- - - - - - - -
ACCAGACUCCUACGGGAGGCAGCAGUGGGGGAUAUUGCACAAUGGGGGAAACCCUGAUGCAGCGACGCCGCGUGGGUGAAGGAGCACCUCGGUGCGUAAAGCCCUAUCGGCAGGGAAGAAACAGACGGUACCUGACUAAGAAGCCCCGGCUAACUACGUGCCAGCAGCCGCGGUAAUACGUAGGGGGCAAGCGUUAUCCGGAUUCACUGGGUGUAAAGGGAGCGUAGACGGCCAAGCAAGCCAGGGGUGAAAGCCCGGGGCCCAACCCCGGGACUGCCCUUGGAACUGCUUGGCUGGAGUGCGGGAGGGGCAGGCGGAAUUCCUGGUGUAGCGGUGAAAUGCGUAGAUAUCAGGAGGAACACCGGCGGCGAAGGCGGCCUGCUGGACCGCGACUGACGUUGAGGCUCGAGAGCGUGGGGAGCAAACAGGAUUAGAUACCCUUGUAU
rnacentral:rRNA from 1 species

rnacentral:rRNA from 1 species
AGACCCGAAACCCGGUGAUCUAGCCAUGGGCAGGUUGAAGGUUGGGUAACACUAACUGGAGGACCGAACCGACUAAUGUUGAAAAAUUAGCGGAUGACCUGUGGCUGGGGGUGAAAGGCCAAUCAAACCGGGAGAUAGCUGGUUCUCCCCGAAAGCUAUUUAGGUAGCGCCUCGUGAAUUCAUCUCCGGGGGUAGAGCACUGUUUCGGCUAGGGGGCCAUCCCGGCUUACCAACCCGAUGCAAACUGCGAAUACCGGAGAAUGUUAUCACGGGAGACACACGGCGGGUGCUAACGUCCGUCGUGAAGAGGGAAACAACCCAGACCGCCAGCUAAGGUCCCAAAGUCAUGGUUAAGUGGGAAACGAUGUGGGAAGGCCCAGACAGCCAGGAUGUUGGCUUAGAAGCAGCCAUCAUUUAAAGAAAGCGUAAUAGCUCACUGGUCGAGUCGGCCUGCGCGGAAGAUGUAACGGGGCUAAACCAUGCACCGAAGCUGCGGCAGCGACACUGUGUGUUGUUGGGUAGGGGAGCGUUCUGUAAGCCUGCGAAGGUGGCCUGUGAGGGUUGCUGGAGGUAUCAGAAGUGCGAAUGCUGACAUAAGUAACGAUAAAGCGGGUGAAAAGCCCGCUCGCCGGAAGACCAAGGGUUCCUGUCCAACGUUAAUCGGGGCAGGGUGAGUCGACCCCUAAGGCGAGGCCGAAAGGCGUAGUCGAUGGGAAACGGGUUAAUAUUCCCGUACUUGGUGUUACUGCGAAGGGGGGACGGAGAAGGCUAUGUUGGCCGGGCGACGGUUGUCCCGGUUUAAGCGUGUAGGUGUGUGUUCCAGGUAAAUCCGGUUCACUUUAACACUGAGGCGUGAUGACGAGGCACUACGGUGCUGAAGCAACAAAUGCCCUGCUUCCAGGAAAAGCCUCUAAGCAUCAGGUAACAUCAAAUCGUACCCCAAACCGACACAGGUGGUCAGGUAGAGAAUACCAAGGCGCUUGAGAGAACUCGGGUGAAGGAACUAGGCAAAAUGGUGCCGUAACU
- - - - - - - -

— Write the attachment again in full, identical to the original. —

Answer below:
ACCAGACUCCUACGGGAGGCAGCAGUGGGGGAUAUUGCACAAUGGGGGAAACCCUGAUGCAGCGACGCCGCGUGGGUGAAGGAGCACCUCGGUGCGUAAAGCCCUAUCGGCAGGGAAGAAACAGACGGUACCUGACUAAGAAGCCCCGGCUAACUACGUGCCAGCAGCCGCGGUAAUACGUAGGGGGCAAGCGUUAUCCGGAUUCACUGGGUGUAAAGGGAGCGUAGACGGCCAAGCAAGCCAGGGGUGAAAGCCCGGGGCCCAACCCCGGGACUGCCCUUGGAACUGCUUGGCUGGAGUGCGGGAGGGGCAGGCGGAAUUCCUGGUGUAGCGGUGAAAUGCGUAGAUAUCAGGAGGAACACCGGCGGCGAAGGCGGCCUGCUGGACCGCGACUGACGUUGAGGCUCGAGAGCGUGGGGAGCAAACAGGAUUAGAUACCCUUGUAU
rnacentral:rRNA from 1 species

rnacentral:rRNA from 1 species
AGACCCGAAACCCGGUGAUCUAGCCAUGGGCAGGUUGAAGGUUGGGUAACACUAACUGGAGGACCGAACCGACUAAUGUUGAAAAAUUAGCGGAUGACCUGUGGCUGGGGGUGAAAGGCCAAUCAAACCGGGAGAUAGCUGGUUCUCCCCGAAAGCUAUUUAGGUAGCGCCUCGUGAAUUCAUCUCCGGGGGUAGAGCACUGUUUCGGCUAGGGGGCCAUCCCGGCUUACCAACCCGAUGCAAACUGCGAAUACCGGAGAAUGUUAUCACGGGAGACACACGGCGGGUGCUAACGUCCGUCGUGAAGAGGGAAACAACCCAGACCGCCAGCUAAGGUCCCAAAGUCAUGGUUAAGUGGGAAACGAUGUGGGAAGGCCCAGACAGCCAGGAUGUUGGCUUAGAAGCAGCCAUCAUUUAAAGAAAGCGUAAUAGCUCACUGGUCGAGUCGGCCUGCGCGGAAGAUGUAACGGGGCUAAACCAUGCACCGAAGCUGCGGCAGCGACACUGUGUGUUGUUGGGUAGGGGAGCGUUCUGUAAGCCUGCGAAGGUGGCCUGUGAGGGUUGCUGGAGGUAUCAGAAGUGCGAAUGCUGACAUAAGUAACGAUAAAGCGGGUGAAAAGCCCGCUCGCCGGAAGACCAAGGGUUCCUGUCCAACGUUAAUCGGGGCAGGGUGAGUCGACCCCUAAGGCGAGGCCGAAAGGCGUAGUCGAUGGGAAACGGGUUAAUAUUCCCGUACUUGGUGUUACUGCGAAGGGGGGACGGAGAAGGCUAUGUUGGCCGGGCGACGGUUGUCCCGGUUUAAGCGUGUAGGUGUGUGUUCCAGGUAAAUCCGGUUCACUUUAACACUGAGGCGUGAUGACGAGGCACUACGGUGCUGAAGCAACAAAUGCCCUGCUUCCAGGAAAAGCCUCUAAGCAUCAGGUAACAUCAAAUCGUACCCCAAACCGACACAGGUGGUCAGGUAGAGAAUACCAAGGCGCUUGAGAGAACUCGGGUGAAGGAACUAGGCAAAAUGGUGCCGUAACU